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Roof Songs

Have you ever played the game where you have to come up with song titles with a particular item in them? Today’s challenge is song titles with the word ‘roof’ in them. Here we go:

Up on the Roof – James Taylor

This is a well-known classic that uses the roof as a place of escape when things become too much. The song has been covered many times, including Neil Diamond and a 1995 rendition by Robson and Jerome. The lyrics were written by Gerry Goffin, who claimed this as his all-time favourite of everything he’d written. First aired in 1962, it has been described as a remarkable song and is one of the Rock and Roll Hall of Fame’s Songs that Shaped Rock and Roll.

Fiddler on the Roof – Connie Francis

The title of the critically-acclaimed show featuring Topol and the challenges he faces in Tsarist Russia. Released in 1971 as a film, the musical opened in 1964. It is one of Broadway’s longest running productions and is still a popular choice for school productions. If you’ve got issues with your own roof then for Flat roofing Evesham, visit http://lwroofing.co.uk

Up the Ladder to the Roof – The Supremes

Released in 1970 from the Right On album, it was the first hit for The Supremes with the new lead singer, Jean Terrell. Diana Ross had left the group just a fortnight before this song was produced. The song reached number 5 in the soul chart and in the UK, hit the number 6 spot.

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Raise the Roof – Public Enemy

Released in 1987 when Public Enemy were at the height of their hip hop careers. The group formed the year before and were known for their politically-charged lyrics and criticism of the American media. Their first four albums were hugely acclaimed and all went either Gold or Platinum. This song was on the first studio album called ‘Yo! Bum Rush the Show’.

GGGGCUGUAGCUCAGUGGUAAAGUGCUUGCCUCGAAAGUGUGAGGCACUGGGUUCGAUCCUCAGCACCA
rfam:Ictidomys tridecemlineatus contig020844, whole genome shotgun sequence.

Sitting on the Roof of the World – Dido

Released in 2013 from the album Girl Who Got Away, the lyrics were actually written by her brother, one of the founding members of the band Faithless. Much of the album was recorded while Dido was pregnant and there is a beautiful optimism that shines through, particularly on this folk-inspired autobiographical song.

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Tin Roof Blues – Harry Connick Jr

This song was first recorded in 1923 by the Rhythm Kings of New Orleans. It has since become one of the most popular and often played of the New Orleans jazz song genre. The cover of the original sheet music featured an illustration of the Tin Roof Café, which was a dance hall in New Orleans. Many famous musicians have played the song including Harry Connick Jr, Louis Armstrong, Herb Ellis and Floyd Cramer.

Guns on the Roof – The Clash

The great thing about the name of this song is it’s based on real events. When members of the band decided to go up to the roof and take pot shots at pigeons with an air rifle, a rail worker spotted them and reported them to the police, thinking they were anarchists shooting at the train line. Armed police swarmed the building, with helicopters circling overhead! Lyrically, the song actually aims to deal with issues of international terrorism.

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